If you have been kind enough to listen to me or read some of my entries on OCOT or my other writings, you may have correctly concluded that I suffer from a severe case of Attention Deficit Disorder (ADD). Contrary to popular opinion (and even some “experts”), ADD is not about a LACK of “attention” but rather, an excess of it!
And Now a Word from My Symptom
Those of us with ADD are unable to pay attention to just ONE thing at a time and are instead forced to pay attention to every sensory input all of the time. We try to make sense of things when EVERY thing is demanding our focus. All of our sensory inputs are dealt with equally and simultaneously.
What we can’t do, for example, is turn down the volume on every sound except the one we want to focus on. We can't tune out the movements we see around us or choose not feel every input through our skin. In other words, we can only pay attention to EVERYTHING, all at the same time and all at equal levels.
I’m one of the fortunate few with ADD who, long before I knew what it even was, began to develop coping skills and techniques to survive with these traits. They didn’t seem like anything special to me. For the longest time, I just assumed everyone else was having the same experience. And somehow I managed to start turning these “bugs” into features that have enabled me to be as successful as I am and to do what I do. If everything demands your attention and you find everything interesting, then life is very full!
If you are interested in learning more about ADD, look at some of these alternative descriptions. And on the topic of attention itself, I know of no better source than that of my dear friend and fellow ADDer Marcia Conner and her Ageless Learner site’s section on Attention and on How Adults Learn.
But now, back to the topic at hand (see what I mean?!)
It All ADDs Up
So why are my ADD tendencies relevant here? Because its a way to introduce a meta theme that I'd like to address on OCOT. Just as my own natural sensory interface presents challenges, so too are the challenges of developing human/machine sense-based interfaces. Over a series of postings, I'd like to address:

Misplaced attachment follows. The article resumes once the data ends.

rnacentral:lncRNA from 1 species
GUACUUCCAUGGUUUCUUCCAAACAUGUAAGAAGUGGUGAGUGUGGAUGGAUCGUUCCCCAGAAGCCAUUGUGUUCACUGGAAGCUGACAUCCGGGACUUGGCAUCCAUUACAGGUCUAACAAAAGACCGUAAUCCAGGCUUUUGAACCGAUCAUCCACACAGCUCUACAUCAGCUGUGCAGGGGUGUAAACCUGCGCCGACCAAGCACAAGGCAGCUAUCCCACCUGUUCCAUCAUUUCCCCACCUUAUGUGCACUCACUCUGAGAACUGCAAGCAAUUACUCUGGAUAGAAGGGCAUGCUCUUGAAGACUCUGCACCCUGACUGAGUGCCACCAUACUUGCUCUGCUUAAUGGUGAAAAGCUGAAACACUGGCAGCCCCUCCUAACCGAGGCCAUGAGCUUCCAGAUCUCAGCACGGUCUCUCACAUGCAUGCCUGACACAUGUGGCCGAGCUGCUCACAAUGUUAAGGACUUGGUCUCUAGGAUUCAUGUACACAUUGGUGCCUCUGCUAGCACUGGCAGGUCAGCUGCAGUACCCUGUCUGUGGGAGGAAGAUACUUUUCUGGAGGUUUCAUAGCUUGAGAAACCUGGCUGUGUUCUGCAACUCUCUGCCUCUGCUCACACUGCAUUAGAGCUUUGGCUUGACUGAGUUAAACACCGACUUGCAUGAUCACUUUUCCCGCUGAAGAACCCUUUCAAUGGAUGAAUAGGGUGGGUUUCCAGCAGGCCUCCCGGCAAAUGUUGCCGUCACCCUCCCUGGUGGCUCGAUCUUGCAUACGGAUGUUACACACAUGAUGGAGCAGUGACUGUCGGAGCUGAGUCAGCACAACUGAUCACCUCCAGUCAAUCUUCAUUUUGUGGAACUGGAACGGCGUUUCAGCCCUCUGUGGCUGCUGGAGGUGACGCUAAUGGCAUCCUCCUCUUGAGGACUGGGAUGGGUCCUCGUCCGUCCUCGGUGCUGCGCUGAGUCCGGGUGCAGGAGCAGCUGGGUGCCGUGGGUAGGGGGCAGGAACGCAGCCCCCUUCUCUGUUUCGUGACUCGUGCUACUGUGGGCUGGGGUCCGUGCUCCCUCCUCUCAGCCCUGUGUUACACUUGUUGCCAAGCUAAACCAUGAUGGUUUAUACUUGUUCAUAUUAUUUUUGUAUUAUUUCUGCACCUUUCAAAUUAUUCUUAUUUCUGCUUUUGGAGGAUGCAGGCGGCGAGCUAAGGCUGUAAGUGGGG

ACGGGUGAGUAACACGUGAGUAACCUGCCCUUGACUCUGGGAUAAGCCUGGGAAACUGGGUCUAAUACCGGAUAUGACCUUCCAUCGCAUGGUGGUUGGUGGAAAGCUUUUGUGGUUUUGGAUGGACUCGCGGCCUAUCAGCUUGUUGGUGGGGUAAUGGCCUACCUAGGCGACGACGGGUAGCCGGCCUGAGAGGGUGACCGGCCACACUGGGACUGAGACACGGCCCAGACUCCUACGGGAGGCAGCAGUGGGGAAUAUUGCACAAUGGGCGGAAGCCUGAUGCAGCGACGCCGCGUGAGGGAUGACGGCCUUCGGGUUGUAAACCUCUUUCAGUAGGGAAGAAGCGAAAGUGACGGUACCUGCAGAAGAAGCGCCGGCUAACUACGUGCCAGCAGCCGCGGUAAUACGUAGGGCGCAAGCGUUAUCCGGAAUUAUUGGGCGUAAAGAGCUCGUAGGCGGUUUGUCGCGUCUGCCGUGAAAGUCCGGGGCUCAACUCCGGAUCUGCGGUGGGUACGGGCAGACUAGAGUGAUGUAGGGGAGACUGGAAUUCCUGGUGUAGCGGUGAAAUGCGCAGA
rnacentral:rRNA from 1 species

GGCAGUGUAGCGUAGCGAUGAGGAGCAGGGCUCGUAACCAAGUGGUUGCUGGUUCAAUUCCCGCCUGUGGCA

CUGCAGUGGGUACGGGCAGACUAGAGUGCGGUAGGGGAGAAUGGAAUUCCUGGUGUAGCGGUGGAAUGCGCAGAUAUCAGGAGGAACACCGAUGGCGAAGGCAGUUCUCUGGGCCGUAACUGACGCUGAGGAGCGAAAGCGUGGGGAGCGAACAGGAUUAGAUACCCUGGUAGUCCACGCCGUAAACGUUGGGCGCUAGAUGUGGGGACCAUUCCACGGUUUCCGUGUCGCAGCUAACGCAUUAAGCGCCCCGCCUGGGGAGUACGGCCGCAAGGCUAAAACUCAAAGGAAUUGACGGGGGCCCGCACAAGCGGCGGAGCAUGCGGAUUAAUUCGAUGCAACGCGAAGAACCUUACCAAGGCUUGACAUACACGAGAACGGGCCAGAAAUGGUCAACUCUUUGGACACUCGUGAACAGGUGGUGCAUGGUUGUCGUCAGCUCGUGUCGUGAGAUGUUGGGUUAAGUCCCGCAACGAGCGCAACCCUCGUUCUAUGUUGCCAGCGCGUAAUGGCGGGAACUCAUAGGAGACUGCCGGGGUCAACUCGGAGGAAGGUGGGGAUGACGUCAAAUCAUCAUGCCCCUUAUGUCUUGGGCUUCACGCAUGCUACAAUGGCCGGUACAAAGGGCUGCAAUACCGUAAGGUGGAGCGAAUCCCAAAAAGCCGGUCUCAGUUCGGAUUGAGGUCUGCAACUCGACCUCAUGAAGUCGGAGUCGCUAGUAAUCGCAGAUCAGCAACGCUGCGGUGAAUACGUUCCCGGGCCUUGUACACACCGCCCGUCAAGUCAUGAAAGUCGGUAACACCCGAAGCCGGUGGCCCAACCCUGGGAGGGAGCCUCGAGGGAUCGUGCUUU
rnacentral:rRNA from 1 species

- The use of our human senses as ways through which we communicate and interact with machines, computers, and technology, and ourselves.
- Other interrelated topics both individually and as a collective whole.
I’ll do my best to stay "on target" as I wander around "off course" and divide my pursuit of this trend toward more natural and sense-based interfaces into several separate posts. I see it playing a critical role in the future I am both designing and imagining.
The Missing Link?
Interestingly, this whole topic of natural or sense-based interfaces does not seem to have any common singular term or definition. Or perhaps I just have not found it and some of you can point me to it? I’m aware of categories such as:
- HCI Human Computer Interaction/interface
- HMI Human Machine Interface/interaction
- User Interface
But these all seem to be differentiated based on interactions with specific types of technology, computers only, or segmented into individual human senses, such as touch with the use of haptic interfaces and technology with tactile feedback . And I can find definitions of HCI, HMI such as this one from Wikipedia that describe them as:
“...the 'layer' that separates a human that is operating a machine from the machine itself.”
However, my interest is in the larger meta theme of using all human senses and eliminating the “separation layer” between machines and ourselves so that they are invisible and we can directly connect and communicate through our senses. I’m want to ensure that we are taking the more holistic and inclusive view of the use of ALL of our senses, not only because we have so many that are being underused, but also because it is often the combination of multiple senses that make up our best experiences and interactions.
Making Sense of and Better Use of Our Senses
So here’s what I’m going to do. I’ll address the meta theme of sense-based and more natural interfaces through a variety of posts, podcasts, and perhaps some interviews over the next few months. I’ll alternate between the big picture view of the use of senses in general and the use of them collectively, then look at the use of individual senses such as touch and feel, audio, visual, and so on. I will also cover the use of combinations of senses for better, more innovative designs and solutions for interacting with technology...and each other. Add to this the coverage of tools, technology, and examples of real world applications of sensory-based and natural interfaces and I think we’ll have a lot of fun and learn a lot in the process. These posts will be intermixed with other topics on a regular basis and spread over many months for as long as my and your interest continues to be high.
Oh! Look at that cool blue butterfly that just flew by! Hmm, I wonder what kind of plane that is flying overhead? Now what was I saying? Oh yeah, senses, interfaces, human interaction...
Hang on, fasten your seatbelts low and tight, we’re about to take off on what should prove to be a fun and very "off course", very "on target" sensory journey!